I recently heard a story about a man who was out shopping with his wife at a large shopping center. He grew bored watching her try on clothes and muttered something about being back in a bit. Eventually, the wife had completed her shopping, but her husband had not yet returned. Wanting to head home, she called her husband on his cell phone.
The wife asked, “Where are you?”
He said, “You remember that jewelry store we went to about 10 years ago, and you fell in love with those diamond earrings? We didn’t have much money at the time, and I said that one day I would get them for you.”
“Yes, I remember,” she said expectantly, as tears began to form in her eyes.
“Great! I’m in the golf store right next door to that,” he replied.
That is a funny story, but it demonstrates the importance of taking the time to really understand the people we interact with. I’m privileged to work with a number of financial institutions that are regularly voted as top places to work in their community. In almost all instances, these institutions have developed a culture in which employees aren’t simply trying to be friendly with one another, but are actually taking the time to understand their coworkers and their objectives. This allows them to be truly helpful to each other. Not surprisingly, these institutions often are the most efficient, because the entire team is mindful of how their actions impact the jobs of those they work with.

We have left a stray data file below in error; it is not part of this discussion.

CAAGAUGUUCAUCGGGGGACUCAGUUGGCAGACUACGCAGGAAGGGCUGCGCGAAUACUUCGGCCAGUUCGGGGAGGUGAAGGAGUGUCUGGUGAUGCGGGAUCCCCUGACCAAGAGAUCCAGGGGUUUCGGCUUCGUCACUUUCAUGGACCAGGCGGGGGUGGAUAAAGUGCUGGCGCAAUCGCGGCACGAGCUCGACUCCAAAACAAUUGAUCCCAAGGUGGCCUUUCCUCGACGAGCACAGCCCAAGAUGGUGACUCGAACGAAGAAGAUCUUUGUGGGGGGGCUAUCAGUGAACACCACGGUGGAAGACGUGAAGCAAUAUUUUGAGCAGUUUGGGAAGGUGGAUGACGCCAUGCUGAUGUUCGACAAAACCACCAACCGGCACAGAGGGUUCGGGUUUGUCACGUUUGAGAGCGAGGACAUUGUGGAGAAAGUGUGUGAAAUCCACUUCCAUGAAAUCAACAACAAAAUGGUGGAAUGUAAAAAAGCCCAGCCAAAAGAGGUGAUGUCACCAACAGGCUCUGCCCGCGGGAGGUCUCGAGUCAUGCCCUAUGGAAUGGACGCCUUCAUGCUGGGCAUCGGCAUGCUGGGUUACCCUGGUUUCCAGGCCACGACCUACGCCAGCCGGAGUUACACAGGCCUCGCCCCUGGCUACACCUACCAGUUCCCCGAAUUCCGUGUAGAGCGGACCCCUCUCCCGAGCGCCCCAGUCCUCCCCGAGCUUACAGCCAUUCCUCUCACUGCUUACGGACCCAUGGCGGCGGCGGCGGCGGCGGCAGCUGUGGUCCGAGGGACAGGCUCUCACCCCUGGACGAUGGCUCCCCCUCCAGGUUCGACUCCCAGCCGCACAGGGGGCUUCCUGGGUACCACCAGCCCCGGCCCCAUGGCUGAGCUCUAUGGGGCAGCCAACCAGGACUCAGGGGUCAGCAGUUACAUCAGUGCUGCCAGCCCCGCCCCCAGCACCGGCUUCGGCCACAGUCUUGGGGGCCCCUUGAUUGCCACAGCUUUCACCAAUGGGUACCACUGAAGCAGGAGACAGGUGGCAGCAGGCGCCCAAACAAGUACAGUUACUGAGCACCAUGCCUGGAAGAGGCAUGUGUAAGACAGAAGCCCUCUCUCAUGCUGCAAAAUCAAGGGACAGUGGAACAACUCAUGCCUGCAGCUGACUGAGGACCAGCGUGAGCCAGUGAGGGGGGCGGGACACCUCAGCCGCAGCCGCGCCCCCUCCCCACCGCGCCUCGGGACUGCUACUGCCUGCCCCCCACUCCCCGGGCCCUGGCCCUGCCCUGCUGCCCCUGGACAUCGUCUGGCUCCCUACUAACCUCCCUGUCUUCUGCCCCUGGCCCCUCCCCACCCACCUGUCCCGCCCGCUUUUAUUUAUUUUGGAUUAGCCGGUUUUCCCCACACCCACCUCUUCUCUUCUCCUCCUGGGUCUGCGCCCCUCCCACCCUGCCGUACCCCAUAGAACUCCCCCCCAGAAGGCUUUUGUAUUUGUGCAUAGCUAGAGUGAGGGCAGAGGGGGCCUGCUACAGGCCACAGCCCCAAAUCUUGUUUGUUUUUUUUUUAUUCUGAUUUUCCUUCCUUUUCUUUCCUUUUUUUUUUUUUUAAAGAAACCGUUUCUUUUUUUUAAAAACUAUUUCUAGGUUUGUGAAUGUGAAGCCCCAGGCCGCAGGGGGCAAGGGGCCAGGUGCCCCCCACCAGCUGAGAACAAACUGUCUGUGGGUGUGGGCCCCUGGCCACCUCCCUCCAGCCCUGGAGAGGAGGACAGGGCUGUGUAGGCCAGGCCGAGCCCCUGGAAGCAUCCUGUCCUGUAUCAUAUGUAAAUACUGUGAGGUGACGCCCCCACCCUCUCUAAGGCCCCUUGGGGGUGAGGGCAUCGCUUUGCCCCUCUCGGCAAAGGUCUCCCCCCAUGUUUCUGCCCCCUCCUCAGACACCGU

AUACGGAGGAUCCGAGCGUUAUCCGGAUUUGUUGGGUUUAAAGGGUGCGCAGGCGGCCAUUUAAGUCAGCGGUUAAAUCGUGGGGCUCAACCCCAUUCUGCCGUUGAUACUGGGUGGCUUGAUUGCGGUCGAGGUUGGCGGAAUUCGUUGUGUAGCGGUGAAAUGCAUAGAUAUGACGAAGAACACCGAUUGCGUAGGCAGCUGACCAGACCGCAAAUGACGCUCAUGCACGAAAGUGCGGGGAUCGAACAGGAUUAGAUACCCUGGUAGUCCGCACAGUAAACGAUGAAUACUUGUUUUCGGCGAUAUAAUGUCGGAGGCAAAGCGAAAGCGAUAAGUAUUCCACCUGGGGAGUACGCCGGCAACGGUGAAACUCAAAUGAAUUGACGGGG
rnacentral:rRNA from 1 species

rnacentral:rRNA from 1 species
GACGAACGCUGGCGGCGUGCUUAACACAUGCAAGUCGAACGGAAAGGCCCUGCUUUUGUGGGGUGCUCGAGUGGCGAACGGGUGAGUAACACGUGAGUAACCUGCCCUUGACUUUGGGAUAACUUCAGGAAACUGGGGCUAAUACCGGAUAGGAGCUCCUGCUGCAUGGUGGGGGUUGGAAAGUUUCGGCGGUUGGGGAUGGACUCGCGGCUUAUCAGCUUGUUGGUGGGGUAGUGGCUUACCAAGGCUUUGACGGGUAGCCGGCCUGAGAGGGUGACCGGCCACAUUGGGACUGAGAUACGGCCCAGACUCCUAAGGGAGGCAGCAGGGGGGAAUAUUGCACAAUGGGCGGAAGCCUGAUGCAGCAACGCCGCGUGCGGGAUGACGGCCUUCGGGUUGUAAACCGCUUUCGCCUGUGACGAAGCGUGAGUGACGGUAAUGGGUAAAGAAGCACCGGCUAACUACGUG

This same concept works for financial institutions as they interact with their customers. Most financial institutions have comparable organizational structures and similar product offerings, but not all have comparable results. With intense competition and rising regulatory costs, the institutions that are thriving are the ones that are exceptional at taking the time to understand their customers and their needs and at offering the products and providing the service that satisfies their customers’ individual needs.